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Sleep Breath. 2017 Sep;21(3):767-775. doi: 10.1007/s11325-016-1452-7. Epub 2017 Jan 17.

Toward a functional definition of ankyloglossia: validating current grading scales for lingual frenulum length and tongue mobility in 1052 subjects.

Author information

1
Sections of Pediatric Dentistry and Orthodontic, Division of Growth and Development, UCLA School of Dentistry, 10833 Le Conte Ave, Los Angeles, CA, 90095, USA. jungdds@gmail.com.
2
Division of Sleep Surgery, Department of Otolaryngology-Head and Neck Surgery School of Medicine, Stanford University, Stanford, CA, 94305, USA.
3
UCLA Health, Santa Monica, CA, 90404, USA.
4
Harvard Medical School, Boston, MA, 02115, USA.
5
UCLA School of Dentistry, Los Angeles, CA, 90095, USA.
6
Sections of Pediatric Dentistry and Orthodontic, Division of Growth and Development, UCLA School of Dentistry, 10833 Le Conte Ave, Los Angeles, CA, 90095, USA.
7
Stanford Outpatient Medical Center, Stanford University Sleep Medicine Division, Redwood City, CA, 94063, USA.

Abstract

PURPOSE:

Alterations of the lingual frenulum may contribute to oromyofacial dysfunction, speech and swallowing impediments, underdevelopment of the maxillofacial skeleton, and even predispose to sleep breathing disorder. This study aims to assess the utility of existing instruments for evaluation of restricted tongue mobility, describe normal and abnormal ranges of tongue mobility, and provide evidence in support of a reliable and efficient measure of tongue mobility.

METHODS:

A prospective cohort study of 1052 consecutive patients was evaluated during a 3-month period. Age, gender, ethnicity, height, weight, BMI, maximal interincisal mouth opening (MIO), mouth opening with tongue tip to maxillary incisive papillae at roof of mouth (MOTTIP), Kotlow's free-tongue measurement, and presence of severe tongue-tie were recorded. Secondary outcome measures include tongue range of motion deficit (TRMD, difference between MIO and MOTTIP) and tongue range of motion ratio (TRMR, ratio of MOTTIP to MIO).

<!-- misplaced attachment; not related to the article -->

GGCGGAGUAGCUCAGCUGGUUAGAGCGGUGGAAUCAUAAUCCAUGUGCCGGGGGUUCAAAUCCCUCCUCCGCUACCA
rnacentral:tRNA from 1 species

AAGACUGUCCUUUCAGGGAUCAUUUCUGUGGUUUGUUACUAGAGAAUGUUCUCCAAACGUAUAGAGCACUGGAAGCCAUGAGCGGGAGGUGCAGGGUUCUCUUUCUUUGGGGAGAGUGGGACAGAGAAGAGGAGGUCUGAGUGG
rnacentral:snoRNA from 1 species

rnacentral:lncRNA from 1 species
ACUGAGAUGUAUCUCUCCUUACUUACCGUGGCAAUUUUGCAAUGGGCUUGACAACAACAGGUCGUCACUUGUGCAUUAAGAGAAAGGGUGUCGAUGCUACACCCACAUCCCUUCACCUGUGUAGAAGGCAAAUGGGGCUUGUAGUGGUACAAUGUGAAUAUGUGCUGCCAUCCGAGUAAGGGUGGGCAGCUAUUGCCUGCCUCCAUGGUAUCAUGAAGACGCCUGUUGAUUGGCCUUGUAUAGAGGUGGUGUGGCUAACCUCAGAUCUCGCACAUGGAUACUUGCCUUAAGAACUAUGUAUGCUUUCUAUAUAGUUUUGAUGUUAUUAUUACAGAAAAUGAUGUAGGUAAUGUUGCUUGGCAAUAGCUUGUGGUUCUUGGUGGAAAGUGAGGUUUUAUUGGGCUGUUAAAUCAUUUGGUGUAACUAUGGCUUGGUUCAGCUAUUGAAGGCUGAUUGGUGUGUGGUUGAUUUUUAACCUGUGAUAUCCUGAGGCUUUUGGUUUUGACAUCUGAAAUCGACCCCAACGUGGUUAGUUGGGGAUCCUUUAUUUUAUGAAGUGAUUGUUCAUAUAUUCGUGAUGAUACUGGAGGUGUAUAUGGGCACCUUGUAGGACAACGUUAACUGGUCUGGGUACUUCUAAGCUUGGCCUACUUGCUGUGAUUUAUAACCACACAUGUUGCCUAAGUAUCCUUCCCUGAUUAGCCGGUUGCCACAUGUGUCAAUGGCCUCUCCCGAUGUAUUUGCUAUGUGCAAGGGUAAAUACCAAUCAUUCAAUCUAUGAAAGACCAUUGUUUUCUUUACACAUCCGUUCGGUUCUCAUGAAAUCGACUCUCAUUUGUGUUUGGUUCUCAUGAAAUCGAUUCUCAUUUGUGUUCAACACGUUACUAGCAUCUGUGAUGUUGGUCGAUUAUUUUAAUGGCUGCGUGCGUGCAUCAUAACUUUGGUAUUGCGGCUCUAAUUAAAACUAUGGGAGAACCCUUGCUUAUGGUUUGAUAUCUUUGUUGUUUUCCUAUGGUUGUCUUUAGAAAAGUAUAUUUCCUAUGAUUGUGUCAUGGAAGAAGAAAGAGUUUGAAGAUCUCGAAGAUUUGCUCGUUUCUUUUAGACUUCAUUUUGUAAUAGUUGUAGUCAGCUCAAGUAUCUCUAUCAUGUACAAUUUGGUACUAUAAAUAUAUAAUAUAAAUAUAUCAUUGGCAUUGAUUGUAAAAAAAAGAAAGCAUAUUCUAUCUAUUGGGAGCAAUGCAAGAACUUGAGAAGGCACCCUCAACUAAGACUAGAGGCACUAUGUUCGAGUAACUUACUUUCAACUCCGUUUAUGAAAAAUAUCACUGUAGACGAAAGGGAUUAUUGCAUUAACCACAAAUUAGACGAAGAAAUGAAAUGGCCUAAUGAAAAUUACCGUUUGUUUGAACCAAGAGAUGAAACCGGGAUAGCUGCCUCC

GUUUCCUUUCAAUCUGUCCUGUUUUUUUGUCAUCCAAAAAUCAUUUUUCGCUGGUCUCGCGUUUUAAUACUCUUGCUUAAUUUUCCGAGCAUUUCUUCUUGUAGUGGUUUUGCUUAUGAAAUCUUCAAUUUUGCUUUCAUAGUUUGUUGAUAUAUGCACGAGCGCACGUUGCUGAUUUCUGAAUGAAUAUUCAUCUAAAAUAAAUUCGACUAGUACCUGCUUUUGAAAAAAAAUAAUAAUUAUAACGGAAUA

RESULTS:

Results indicate that MIO is dependent on age and height; MOTTIP and TRMD are dependent on MIO; Kotlow's free-tongue measurement is an independent measure of free-tongue length and tongue mobility. TRMR is the only independent measurement of tongue mobility that is directly associated with restrictions in tongue function.

CONCLUSIONS:

We propose the use of tongue range of motion ratio as an initial screening tool to assess for restrictions in tongue mobility. "Functional" ankyloglossia can thus be defined and treatment effects followed objectively by using the proposed grading scale: grade 1: tongue range of motion ratio is >80%, grade 2 50-80%, grade 3 < 50%, grade 4 < 25%.

KEYWORDS:

Ankyloglossia; Classification of ankyloglossia; Frenulum; Oromyofacial dysfunction; Tongue tie; Tongue tie grading scale

PMID:
28097623
DOI:
10.1007/s11325-016-1452-7

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